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Cover image for LGTM Devlog 25: Some cleanup

LGTM Devlog 25: Some cleanup

meseta profile image Yuan Gao ・Updated on ・5 min read

I just realized my old branch wasn't merged in yet, and as I do that, my CI flags up coverage failure, since I'd set the test coverage minimum to 95%, and was getting lower than that.

Coverage Failure

While you shouldn't live life by these numbers, these are indicators and should be looked into. If I deem there's a reason to allow it, I'd ignore it. The code for this post can be found at commit 48c6051

First, I'm going to add a quick script into my Pipfile called test_report to help look at coverage results. Since pycov generates HTML reports, this line of code makes my life easier by spitting out the HTML report and starting a temporary webserver with python to let me view it. If I weren't using WSL, I could have this script pop open a web browser too

[scripts]
test = "pytest"
test_report = "bash -c 'pytest --cov-report=html && python -m http.server --directory htmlcov'"
deploy = "./deploy.sh"
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Now I can have a browsable file tree containing coverage resultsTest coverage report

I need to set up my VSCode extensions to display coverage results at some point. For now this is an easy way to view my report

firebase.py

Starting with Firebase.py, at 83% coverage, the reason is simple: I added in some conditional code to return the previously initialized firebase app/singleton, when in fact, putting this code in it's own module achieved the same effect, so it never ends up going into the branch. And since it's only 8 lines of code, drops the coverage by 12.5%.

Missing coverage

I simply remove this whole if statement. Done

main.py

Over at the main function, the first lack of coverage is an error handling when the hook repo didn't correctly match.

Missing coverage

This indicates I'm missing a test where I present this function with a bad repo address. To adequately test this, I would need to generate some new hook payloads that are otherwise valid but have the wrong source repo. So I simply add an extra test case here.

More missing coverage

In the next function, there's a few things going on, firstly a missing CORS header check. I don't have a test for CORS header handling. While I could add one, I've opted to instead eliminate this manual check and just use the flask-cors library that provides a decorator. Now instead of handling CORS manually, I let the decorator deal with it:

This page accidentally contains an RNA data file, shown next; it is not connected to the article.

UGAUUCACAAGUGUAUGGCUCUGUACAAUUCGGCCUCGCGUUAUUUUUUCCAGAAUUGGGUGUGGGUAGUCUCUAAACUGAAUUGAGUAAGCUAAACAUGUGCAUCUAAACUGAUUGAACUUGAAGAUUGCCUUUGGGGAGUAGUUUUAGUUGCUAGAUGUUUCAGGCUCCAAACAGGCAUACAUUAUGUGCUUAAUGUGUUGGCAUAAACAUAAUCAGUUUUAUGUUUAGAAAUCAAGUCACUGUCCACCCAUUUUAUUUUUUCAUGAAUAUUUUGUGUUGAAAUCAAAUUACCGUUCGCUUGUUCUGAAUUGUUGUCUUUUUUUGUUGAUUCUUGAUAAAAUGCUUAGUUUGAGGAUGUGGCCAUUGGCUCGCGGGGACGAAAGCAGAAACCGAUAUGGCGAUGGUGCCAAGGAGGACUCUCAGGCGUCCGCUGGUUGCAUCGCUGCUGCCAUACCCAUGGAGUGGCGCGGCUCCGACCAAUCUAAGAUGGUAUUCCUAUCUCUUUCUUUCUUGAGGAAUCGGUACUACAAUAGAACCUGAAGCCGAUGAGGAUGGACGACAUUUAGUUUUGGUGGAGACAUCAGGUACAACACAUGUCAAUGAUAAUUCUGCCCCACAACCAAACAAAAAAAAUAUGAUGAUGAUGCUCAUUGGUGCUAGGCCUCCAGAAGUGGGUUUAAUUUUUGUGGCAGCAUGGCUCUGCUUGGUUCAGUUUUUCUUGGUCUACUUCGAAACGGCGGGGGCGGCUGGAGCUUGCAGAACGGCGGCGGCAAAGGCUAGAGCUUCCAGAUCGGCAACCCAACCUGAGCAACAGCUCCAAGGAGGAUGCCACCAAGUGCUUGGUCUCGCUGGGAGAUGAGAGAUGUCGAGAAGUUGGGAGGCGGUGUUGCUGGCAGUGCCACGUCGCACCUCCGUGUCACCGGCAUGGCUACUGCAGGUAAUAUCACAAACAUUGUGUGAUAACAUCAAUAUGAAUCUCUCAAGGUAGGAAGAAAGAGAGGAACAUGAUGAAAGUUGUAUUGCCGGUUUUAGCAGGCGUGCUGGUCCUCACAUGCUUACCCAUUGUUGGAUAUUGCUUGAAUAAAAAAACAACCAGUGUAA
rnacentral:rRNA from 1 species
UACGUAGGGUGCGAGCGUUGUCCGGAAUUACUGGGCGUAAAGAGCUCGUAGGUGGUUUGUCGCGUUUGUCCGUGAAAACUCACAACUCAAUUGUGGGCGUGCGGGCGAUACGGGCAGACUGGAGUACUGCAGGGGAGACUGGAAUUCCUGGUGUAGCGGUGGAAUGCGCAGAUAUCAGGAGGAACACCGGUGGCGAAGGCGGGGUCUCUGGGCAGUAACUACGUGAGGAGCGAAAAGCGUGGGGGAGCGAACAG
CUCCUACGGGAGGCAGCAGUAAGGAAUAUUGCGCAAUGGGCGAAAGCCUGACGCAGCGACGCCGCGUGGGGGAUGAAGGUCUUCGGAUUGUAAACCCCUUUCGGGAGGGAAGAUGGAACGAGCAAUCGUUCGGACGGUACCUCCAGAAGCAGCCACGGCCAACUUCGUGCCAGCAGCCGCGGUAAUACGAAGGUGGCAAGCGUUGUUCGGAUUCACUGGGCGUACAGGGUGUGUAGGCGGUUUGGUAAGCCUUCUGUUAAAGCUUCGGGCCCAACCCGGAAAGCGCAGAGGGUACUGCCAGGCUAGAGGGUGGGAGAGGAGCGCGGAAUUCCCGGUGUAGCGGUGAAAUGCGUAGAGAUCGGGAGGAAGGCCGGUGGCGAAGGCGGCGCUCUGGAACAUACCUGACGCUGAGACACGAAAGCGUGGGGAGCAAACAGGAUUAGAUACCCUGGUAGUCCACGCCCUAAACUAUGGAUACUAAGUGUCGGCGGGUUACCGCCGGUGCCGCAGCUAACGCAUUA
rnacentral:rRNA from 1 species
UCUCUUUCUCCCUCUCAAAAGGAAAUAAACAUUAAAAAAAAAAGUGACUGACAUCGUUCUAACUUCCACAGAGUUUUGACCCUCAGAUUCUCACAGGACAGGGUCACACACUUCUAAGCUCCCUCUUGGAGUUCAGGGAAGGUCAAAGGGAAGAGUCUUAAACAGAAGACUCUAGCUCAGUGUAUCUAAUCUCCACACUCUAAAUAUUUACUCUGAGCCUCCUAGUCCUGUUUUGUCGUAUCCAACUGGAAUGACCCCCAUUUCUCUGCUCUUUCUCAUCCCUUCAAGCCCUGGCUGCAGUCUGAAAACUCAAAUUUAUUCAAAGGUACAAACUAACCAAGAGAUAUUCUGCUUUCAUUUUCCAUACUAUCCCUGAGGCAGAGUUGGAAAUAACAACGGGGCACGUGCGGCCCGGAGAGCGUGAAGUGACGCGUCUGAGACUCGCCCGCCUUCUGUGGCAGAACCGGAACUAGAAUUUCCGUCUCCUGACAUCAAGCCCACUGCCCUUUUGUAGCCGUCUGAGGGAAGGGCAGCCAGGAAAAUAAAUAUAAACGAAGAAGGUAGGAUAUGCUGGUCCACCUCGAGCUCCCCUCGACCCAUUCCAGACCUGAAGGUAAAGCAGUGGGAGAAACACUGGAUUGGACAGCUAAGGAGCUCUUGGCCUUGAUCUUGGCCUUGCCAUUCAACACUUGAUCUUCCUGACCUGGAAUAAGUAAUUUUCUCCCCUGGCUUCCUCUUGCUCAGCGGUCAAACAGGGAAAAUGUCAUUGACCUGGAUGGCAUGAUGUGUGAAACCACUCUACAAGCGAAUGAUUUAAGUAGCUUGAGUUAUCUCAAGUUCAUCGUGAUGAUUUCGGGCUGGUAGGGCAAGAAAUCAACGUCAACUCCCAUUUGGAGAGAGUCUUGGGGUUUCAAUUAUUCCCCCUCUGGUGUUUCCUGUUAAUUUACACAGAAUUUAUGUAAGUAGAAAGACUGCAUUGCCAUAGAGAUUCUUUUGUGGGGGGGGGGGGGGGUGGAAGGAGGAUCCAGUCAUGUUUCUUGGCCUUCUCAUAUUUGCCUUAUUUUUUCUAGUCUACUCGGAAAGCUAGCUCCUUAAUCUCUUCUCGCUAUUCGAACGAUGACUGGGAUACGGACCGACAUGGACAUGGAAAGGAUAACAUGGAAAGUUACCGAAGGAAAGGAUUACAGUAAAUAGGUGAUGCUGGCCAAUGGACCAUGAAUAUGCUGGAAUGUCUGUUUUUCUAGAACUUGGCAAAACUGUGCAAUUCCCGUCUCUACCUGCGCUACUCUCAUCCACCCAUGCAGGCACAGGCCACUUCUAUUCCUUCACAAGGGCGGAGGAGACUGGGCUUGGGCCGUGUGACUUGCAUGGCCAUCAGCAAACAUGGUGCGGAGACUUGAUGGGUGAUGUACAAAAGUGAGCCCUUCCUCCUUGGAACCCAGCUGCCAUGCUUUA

from flask_cors import cross_origin

@cross_origin(
    origins=CORS_ORIGIN,
    headers=["Authorization", "Content-Type"],
    supports_credentials=True,
)
def github_auth_flow(request: Request):
    """ Validates a user from github and creates user """
    ...
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The next item relates to handling when the provided user ID does not match the user ID that github returns as a token, this may happen in a spoofing attempt for example. For this I add another test that manipulates the user Id data provided to the function so that it is incorrect.

def test_id_mismatch(auth_flow_client, test_user_token, user_data):
    """ Test a successful flow """

    user_data["id"] = "foobar"  # make id bad
    res = auth_flow_client.post(
        "/", headers={"Authorization": "Bearer " + test_user_token}, json=user_data
    )
    assert res.status_code == 403
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Finally, the last remaining line not covered by testing is the event where a game already exists so that a user can be assigned. To achieve this, I need to go and create a new game for the user before anything else, so the test fixture now looks like this:

def test_good_flow(auth_flow_client, test_user_token, user_data, test_auth_user):
    """ Test a successful flow """

    # make sure a game exists for user